With the Mountain Valley Pipeline (MVP) project clearing some major legal hurdles in recent weeks and construction resuming, it’s become increasingly likely that Appalachian gas producers will soon have 2 Bcf/d of new takeaway capacity, potentially as early as late 2023. However, the degree to which the pipeline will translate into higher production from the supply basin and improved supply access for the gas-thirsty, premium markets in the Southeast will largely depend on the availability of transportation capacity downstream of MVP. As such, the race is on to expand pipeline capacity from the pipe’s termination point at Williams’s Transco Pipeline Station 165 in southern Virginia, not only to deal with the impending influx of supply from MVP but also to move that gas to growing demand centers in Virginia and the Carolinas. MVP’s lead developer, Equitrans Midstream, is hoping to build an extension to the mainline — the MVP Southgate project — while Transco has designs of its own for capturing downstream customers. In today’s RBN blog, we provide an update on MVP and the various expansion projects in the works to move newly available supply to market.
We’ll start with the latest developments on MVP, which, along with the growing gas-fired generation demand in the Mid-Atlantic and Southeast, is the impetus for the other midstream projects we’ll discuss today. The biggest news of all, of course, is that the long-sought pipeline looks like it is finally happening. It took an “Act of Congress” and a decision from the highest court in the land — handed down by the Chief Justice, no less — but it’s looking more and more like MVP will be completed. We have chronicled MVP’s long, long journey in the years since it was proposed (most recently in Will It Go Round In Circles). It received its certificate from the Federal Energy Regulatory Commission (FERC) in 2017 and construction began in early 2018. But as the project wandered through the permitting jungle, we saw permit after permit issued, only to be challenged by environmental groups and yanked away by a U.S. Court of Appeals, namely the Fourth Circuit Court.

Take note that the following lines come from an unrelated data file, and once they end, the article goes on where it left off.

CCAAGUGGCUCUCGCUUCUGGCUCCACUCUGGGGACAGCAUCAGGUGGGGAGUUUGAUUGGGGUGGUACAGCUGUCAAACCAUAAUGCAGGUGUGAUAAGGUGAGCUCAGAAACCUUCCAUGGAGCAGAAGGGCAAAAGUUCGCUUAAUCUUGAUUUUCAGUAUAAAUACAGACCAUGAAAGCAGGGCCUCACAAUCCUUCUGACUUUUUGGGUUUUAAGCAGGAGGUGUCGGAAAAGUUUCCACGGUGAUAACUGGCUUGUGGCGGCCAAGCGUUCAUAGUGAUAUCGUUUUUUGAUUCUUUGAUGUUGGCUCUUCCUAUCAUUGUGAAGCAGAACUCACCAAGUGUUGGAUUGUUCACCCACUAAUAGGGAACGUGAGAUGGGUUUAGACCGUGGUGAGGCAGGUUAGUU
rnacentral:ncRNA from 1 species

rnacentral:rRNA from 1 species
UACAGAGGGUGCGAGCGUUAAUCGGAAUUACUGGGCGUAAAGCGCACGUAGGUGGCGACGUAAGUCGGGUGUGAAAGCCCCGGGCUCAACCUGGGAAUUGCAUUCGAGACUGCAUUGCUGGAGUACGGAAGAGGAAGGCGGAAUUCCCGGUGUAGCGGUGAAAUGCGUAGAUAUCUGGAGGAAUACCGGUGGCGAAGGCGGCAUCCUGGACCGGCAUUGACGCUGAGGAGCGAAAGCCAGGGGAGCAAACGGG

However, just as a third set of permits were reversed by the Fourth Circuit earlier this year, Congress swooped in by ratifying an MVP clause as part of the “debt ceiling bill,” aka Section 324 of the Fiscal Responsibility Act of 2023 (FRA), which mandated the permitting and initial completion of MVP. To cover its bases, the provision also stripped the Fourth Circuit of jurisdiction, prohibited any further challenges to the state and federal permits, and, for those wanting to challenge the FRA provision itself, it restricted jurisdiction to the DC Circuit Court. The bill was signed into law June 3 and MVP resumed construction. However, in early July, the Fourth Circuit once again stayed key permits and halted construction of the project, pending review of several petitions challenging the permits and the constitutionality of Section 324 of the FRA. This time, with the FRA behind it, Equitrans/MVP made an emergency appeal to the Supreme Court, which ruled in favor of MVP, staying the Fourth Circuit decisions and allowing MVP to resume construction. The same day that Chief Justice John Roberts issued the decision, the lower court heard oral arguments, and later dismissed the petitions for review, ending seven years of legal wrangling with environmental groups.
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